Enamel is the hard, outer layer of your teeth. It is fairly transluscent with a high gloss.
Enamel is the hardest substance in the body and scores a 5 on the 1-10 Mohs Hardness Scale:
Mohs Hardness Scale
MINERAL COMMON EXAMPLE
1 Talc Pencil lead 1.0-2.0
2 Gypsum Fingernail 2.5
3 Calcite Copper penny 3.5, brass
4 Fluorite Iron
5 Apatite Tooth enamel, knife blade, glass 5.5-6.0
6 Orthoclase Steel file 6.5
7 Quartz Scratches glass
8 Topaz ——
9Corundum Saphire, ruby
10 Diamond Synthetic diamond
In dentistry, enamel is important to bonding fillings and crowns onto teeth because bonding agents bond much better to enamel than they do to dentin. Often, when placing a filling on a front tooth, I place a bevel around the edge of the filling to increase the surface area of the bond.
Here is a photo of a bevel:
The small rainbow-shaped reflection on the lower right corner of the upper middle tooth is the bevel I cut into the tooth.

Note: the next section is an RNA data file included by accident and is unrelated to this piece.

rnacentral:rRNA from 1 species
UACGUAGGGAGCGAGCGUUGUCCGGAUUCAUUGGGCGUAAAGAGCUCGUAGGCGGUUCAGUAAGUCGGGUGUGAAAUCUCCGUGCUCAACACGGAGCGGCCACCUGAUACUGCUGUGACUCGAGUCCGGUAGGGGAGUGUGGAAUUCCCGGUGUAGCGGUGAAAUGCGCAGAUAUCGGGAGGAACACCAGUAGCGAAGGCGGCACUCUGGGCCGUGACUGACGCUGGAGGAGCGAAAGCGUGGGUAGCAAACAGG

Enamel on baby teeth begins to form by a process called amelogenesis during the third month of fetal development and is completed around one year of age. Enamel develops from the tips of the teeth toward the roots, laying down one layer each day corresponding to the Circadian rhythm.
In my practice, I often describe enamel to patients as similar to a brick wall. The wall is made up of minerals such as Calcium, Phosphates, and Fluoride. When acid (plaque) sits on enamel, it removes minerals/bricks. This is called demineralization. When enough bricks are missing, a hole is visible either in x-rays or upon clinical examination. That is a cavity. Mineral “bricks” start to leave the enamel surface in an acid that measures 5.5 or smaller on the pH scale. Examples of pH in acidic fluids:
Water 7.0 (remember, anything over 5.5 is ok)
Diet Coke 3.39
Diet Pepsi 3.05
Hawaiian Fruit Punch 2.82
Coke Classic 2.53
Battery Acid 1.00
Fluoride is a naturally-occurring substance that happens to fit into the space of missing bricks and leaves the enamel stronger than it is without it.
Dental materials manufacturers continue to create products that mimic enamel in every way: hardness, wearability, how it wears opposing teeth, flexibility, and translucency. Dental filling material is often layered to achieve the best esthetic outcome possible.
Here is an example of enamel replaced with porcelain in my office: